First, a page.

Credit outstanding has increased by US$250 billion to US$440 billion over the past three-and-a-half years (since the start of this credit cycle in September 2003). Low real rates and a sharp rise in bank credit have been at the heart of India’s growth acceleration story over the past three years. Bank credit growth had accelerated from the bottom of 10.7% in September 2003 to a peak of 33% in June 2006 before slowing to 30% in January 2007. Indeed, this current credit cycle is the longest that India has witnessed since the early 1970s. Commercial bank credit has increased to 50% of GDP as at January 2007 from 34% in September 2003.
From excess liquidity to tight liquidity
Over the last 12 months, liquidity conditions have tightened for two reasons. First, a widening current account deficit is offsetting capital inflows, resulting in reduced intensity of net injections of foreign currency inflows even as domestic credit demand has remained strong. Second, even if global capital inflows were to rise, resulting in higher liquidity in the banking system, the RBI may intervene to reduce the credit-funded aggregate demand due to concerns over potential overheating. Indeed, we believe that there are already clear signs of aggregate demand continuing to be higher than productive capacity, as reflected in inflationary pressure, a sharp rise in asset prices and a widening current account deficit. This tightening liquidity has begun to push up borrowing costs meaningfully over the last six months.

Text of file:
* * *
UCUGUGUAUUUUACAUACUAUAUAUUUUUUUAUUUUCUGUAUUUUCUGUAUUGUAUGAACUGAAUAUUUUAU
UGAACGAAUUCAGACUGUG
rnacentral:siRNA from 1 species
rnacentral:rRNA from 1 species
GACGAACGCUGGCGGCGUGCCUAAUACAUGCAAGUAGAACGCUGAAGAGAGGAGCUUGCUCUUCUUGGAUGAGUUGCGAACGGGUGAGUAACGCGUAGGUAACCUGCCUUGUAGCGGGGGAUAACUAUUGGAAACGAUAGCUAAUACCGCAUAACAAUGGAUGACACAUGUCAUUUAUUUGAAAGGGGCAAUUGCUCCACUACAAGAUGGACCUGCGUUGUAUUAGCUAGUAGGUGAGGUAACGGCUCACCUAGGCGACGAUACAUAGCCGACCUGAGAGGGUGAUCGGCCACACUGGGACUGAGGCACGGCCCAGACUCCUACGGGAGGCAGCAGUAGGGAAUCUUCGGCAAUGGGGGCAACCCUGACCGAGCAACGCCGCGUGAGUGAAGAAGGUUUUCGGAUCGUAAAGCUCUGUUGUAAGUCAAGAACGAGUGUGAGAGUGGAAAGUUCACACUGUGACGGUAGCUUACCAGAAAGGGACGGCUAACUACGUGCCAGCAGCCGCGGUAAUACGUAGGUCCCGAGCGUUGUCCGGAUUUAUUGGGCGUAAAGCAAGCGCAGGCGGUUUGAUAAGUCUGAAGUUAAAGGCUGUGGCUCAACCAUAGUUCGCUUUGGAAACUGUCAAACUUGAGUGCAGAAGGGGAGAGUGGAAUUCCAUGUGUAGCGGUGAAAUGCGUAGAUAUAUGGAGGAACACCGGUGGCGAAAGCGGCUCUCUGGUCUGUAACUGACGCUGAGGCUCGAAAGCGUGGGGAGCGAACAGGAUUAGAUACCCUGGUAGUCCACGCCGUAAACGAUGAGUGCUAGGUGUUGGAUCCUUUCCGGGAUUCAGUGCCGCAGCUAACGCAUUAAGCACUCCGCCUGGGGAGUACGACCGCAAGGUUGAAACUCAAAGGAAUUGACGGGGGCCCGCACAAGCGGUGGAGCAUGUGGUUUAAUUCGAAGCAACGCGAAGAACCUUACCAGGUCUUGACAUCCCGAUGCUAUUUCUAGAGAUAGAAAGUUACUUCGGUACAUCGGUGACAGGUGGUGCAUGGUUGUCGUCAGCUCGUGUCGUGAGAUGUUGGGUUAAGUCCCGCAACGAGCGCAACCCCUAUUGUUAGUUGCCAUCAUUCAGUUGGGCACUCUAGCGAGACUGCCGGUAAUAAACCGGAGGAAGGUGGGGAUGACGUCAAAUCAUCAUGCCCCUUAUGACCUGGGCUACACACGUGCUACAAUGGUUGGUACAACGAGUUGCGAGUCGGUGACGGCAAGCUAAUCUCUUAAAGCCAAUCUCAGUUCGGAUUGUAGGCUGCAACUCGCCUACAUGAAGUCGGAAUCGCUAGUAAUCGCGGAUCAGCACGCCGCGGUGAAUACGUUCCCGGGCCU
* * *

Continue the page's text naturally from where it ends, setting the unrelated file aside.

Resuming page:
Banking sector balance sheet is now overstretched
Aggregate bank deposit growth has been 17% on average over the past three-and-a-half years as compared with average credit growth of 25% in the same period, leading to an increase in the bank credit/deposit ratio to 74% currently from 54% at the start of the cycle. This is now limiting banks’ capability for credit creation, as they have to meet the minimum statutory liquidity ratio (SLR) of 25% of net demand and time liabilities. As a result, banks will find it difficult to grow their credit books at current growth rates, in our view. Although the government has recently permitted the Reserve Bank of India (RBI) to reduce the SLR, we think that the RBI is unlikely to resort to a reduction soon as it remains concerned about the risks emanating from strong credit-funded aggregate demand.
Risk premium is coming back
Excess liquidity conditions in late 2003 and 2004 resulted in banks searching for yield and charging negligible risk premiums for loan assets with inherently higher risks. Just about 12 months ago, banks were making little distinction between pricing credit risk for various types of loan assets. Almost all loans were being priced in a very narrow range of around 7.5-8%, which was very similar to the 10-year bond yields then. Indeed, banks’ lending behavior implied that the risk of lending to a low-income-bracket borrower (for whom there is little credit history available) for the purchase of a two-wheeler was not meaningfully different from the risk of investing in government bonds. The bulk of the fresh lending of US$250 billion over the last three-and-a-half years has come at a time when banks have been inadequately pricing credit risk. However, tightening liquidity is likely to cause a reversal in this trend.